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Barbara R. Arnwine Headshot

Breaking the Glass Ceiling

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To commemorate Women's History Month, the Roosevelt Institute's New Deal 2.0 blog asked me to reflect on past accomplishments and explore today's key challenges as part of its ongoing 'Feminomics' series. Here's my take on economic injustice and women of color.

Inspired by the achievements of countless African American women, we march forward, resolute in our mission to achieve equal rights. Sojourner Truth proclaimed, "Ain't I a woman?" as she declared she could work as much as a man. Dr. Dorothy Height has fought for equal rights for African Americans and women for several decades and even encouraged President Lyndon B. Johnson to appoint African American women to positions in government. Later Shirley Chisholm fulfilled this dream and became the first black woman elected to Congress.

But Dr. Maya Angelou asserted, "achievement brings its own anticlimax." Nowhere is this truer than in the lives of women, and especially women of color, as they seek accomplishment in the face of adversity, prominence in the face of marginalization. As a result, economic justice remains as one of the most pressing legal issues for women, as they seek equal job opportunities and equal pay. These burdens are especially present as we incur a great economic recession, which created new challenges for all, but for women of color, tested their ability to navigate economic, social, political and educational status more determinately. Title VII of the Civil Rights Act directly bans employment discrimination against women and lack of access to equal pay for equal work is a clear violation of Title VII. To justify these practices with specious arguments regarding hours, occupation choice and child rearing choice are offensive. The American Association of University Women Educational Foundation (AAUW) reports that even after "[c]ontrolling for hours, occupation, parenthood and other factors normally associated with pay, college-educated women still earn less than their male peers. Both disparate treatment and disparate impact have been recognized by the courts in evaluating legitimate claims of discrimination.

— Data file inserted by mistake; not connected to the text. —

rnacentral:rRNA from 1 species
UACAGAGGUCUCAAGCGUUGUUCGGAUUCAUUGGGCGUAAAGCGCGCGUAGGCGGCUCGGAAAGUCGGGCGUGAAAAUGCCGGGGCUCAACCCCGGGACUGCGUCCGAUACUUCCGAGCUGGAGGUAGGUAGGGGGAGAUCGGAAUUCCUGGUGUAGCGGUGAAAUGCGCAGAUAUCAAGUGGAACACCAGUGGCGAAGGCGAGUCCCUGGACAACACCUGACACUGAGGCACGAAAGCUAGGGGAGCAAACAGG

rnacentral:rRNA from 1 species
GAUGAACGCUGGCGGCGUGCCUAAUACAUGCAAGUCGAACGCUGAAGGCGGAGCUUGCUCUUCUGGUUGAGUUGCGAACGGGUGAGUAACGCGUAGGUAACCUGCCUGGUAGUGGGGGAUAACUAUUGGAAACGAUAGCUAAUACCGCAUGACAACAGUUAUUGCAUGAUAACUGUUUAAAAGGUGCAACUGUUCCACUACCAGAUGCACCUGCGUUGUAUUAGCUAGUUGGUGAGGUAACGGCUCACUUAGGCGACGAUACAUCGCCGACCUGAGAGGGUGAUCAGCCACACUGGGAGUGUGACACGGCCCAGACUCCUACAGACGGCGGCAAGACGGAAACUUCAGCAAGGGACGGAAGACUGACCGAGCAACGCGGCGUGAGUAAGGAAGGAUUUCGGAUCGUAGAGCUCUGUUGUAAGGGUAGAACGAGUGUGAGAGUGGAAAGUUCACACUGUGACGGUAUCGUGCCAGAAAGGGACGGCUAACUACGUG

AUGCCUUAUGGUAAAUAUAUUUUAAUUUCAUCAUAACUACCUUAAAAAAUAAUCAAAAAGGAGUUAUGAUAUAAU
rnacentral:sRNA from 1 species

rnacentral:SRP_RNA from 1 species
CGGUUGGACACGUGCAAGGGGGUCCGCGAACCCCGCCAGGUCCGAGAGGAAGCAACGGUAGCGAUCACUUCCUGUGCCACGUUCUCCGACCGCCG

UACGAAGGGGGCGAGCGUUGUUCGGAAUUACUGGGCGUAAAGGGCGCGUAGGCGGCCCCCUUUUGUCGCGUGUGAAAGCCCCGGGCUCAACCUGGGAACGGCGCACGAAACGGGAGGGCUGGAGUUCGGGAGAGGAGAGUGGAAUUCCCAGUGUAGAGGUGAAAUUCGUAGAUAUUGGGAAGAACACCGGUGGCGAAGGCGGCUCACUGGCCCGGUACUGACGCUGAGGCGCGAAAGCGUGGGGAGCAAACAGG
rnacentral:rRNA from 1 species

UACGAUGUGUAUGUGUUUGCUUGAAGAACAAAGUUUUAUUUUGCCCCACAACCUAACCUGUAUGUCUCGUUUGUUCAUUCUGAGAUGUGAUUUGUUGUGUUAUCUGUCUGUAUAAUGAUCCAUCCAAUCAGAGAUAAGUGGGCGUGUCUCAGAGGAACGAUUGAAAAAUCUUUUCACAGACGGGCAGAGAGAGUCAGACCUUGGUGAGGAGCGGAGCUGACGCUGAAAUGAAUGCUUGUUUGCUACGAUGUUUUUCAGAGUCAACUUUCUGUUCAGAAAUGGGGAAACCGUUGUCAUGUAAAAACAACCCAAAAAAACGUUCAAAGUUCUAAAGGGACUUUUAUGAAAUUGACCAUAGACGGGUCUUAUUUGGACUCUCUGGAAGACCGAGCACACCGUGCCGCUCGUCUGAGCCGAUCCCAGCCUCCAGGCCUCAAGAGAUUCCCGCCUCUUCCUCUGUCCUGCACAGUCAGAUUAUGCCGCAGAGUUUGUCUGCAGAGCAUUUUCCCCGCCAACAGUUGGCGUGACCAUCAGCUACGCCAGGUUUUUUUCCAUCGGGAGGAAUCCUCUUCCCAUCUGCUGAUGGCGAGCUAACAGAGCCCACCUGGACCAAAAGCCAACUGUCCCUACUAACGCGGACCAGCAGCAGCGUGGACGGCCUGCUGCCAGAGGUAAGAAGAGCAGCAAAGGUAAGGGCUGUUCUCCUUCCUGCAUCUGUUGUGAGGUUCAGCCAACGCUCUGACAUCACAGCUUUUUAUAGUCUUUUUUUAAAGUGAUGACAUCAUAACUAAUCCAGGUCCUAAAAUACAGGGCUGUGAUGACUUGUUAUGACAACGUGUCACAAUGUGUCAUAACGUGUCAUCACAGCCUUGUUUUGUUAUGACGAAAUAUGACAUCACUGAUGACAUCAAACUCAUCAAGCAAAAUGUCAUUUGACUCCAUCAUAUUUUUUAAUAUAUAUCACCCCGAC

The problem persists despite supposed advances we have made in societal expectations and structure. Unfortunately, unequal opportunities for women have been historically embraced and are still accepted. Until the early 1960s, newspapers published separate job listings for men and women. The struggle for African American women was even more formidable; until the passage of the Civil Rights Act of 1964, jobs specified "no Blacks need apply." Although we don't see as much evidence of such blatant discrimination in access to opportunities in the workplace today, they no doubt institutionally exist. Women still are segregated into "pink-collar" jobs that affect their wages, according to an AAUW report. Women comprise 87 percent of workers in the child care industry and 86 percent of the health aide industry. Women of color have especially endured a disproportionate lack of access to jobs in the wake of the recession, as the Center for Social Inclusion (CSI) reports that unemployment has risen faster for young women of color than for white women in the same age range. Unemployment among young black women has increased by 8.6 percent to 20.4 percent this year.

Equal access is just the tip of the iceberg; those women lucky enough to break the barrier to employment lag behind in equal pay. According to the Institute for Women's policy research, the median weekly earnings of female full-time workers in 2009 were $657, compared with male median weekly earnings of $819. Based on these data, the ratio of women's to men's median weekly earning was 80.2%. Black single mothers with children under 18 have a median net wealth of zero compared to $7,970 of wealth held by white women with children under the age of 18. This is especially troubling, as women head more than 40 percent of African American families. These wage inequities effect women prospectively as well. Their retirement, Social Security benefits, pensions, savings and other financial resources are all impacted. The Lilly Ledbetter Fair Pay Act, signed into law this year, is a welcome sign of progress, as it allows the statute of limitations for filing an equal-pay lawsuit regarding pay discrimination to reset with each new discriminatory paycheck. Women, however, continue to endure workplace inequity and we must persist in enforcing the call for justice.

Economic justice is not just a women's issue or a moral issue; it's clearly a legal one. As lawyers, we must promote opportunities and equity in the new economy; we must embrace change and not the historical precedence of gender inequities. As women, we must not allow the patronizing excuses used for decades to deny equal opportunity in the workforce to continue to stymie our progress and expectations. Women should seek to make this economy work for us rather than working for a broken economy.

*Kenneth Chandler, public policy associate, contributed to this article.

Cross-posted from New Deal 2.0.